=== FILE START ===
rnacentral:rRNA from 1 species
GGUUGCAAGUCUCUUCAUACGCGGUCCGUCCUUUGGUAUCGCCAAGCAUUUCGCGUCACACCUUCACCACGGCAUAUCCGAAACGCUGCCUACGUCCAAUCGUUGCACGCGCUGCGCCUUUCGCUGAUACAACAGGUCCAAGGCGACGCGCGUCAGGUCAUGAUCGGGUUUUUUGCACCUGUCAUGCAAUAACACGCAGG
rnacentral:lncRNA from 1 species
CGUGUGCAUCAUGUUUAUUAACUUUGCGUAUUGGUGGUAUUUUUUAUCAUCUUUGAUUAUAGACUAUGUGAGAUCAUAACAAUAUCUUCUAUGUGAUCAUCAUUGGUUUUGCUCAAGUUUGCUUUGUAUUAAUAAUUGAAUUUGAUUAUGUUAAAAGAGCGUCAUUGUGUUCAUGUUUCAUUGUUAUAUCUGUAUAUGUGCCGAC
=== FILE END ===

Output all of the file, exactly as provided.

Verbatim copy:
rnacentral:rRNA from 1 species
GGUUGCAAGUCUCUUCAUACGCGGUCCGUCCUUUGGUAUCGCCAAGCAUUUCGCGUCACACCUUCACCACGGCAUAUCCGAAACGCUGCCUACGUCCAAUCGUUGCACGCGCUGCGCCUUUCGCUGAUACAACAGGUCCAAGGCGACGCGCGUCAGGUCAUGAUCGGGUUUUUUGCACCUGUCAUGCAAUAACACGCAGG
rnacentral:lncRNA from 1 species
CGUGUGCAUCAUGUUUAUUAACUUUGCGUAUUGGUGGUAUUUUUUAUCAUCUUUGAUUAUAGACUAUGUGAGAUCAUAACAAUAUCUUCUAUGUGAUCAUCAUUGGUUUUGCUCAAGUUUGCUUUGUAUUAAUAAUUGAAUUUGAUUAUGUUAAAAGAGCGUCAUUGUGUUCAUGUUUCAUUGUUAUAUCUGUAUAUGUGCCGAC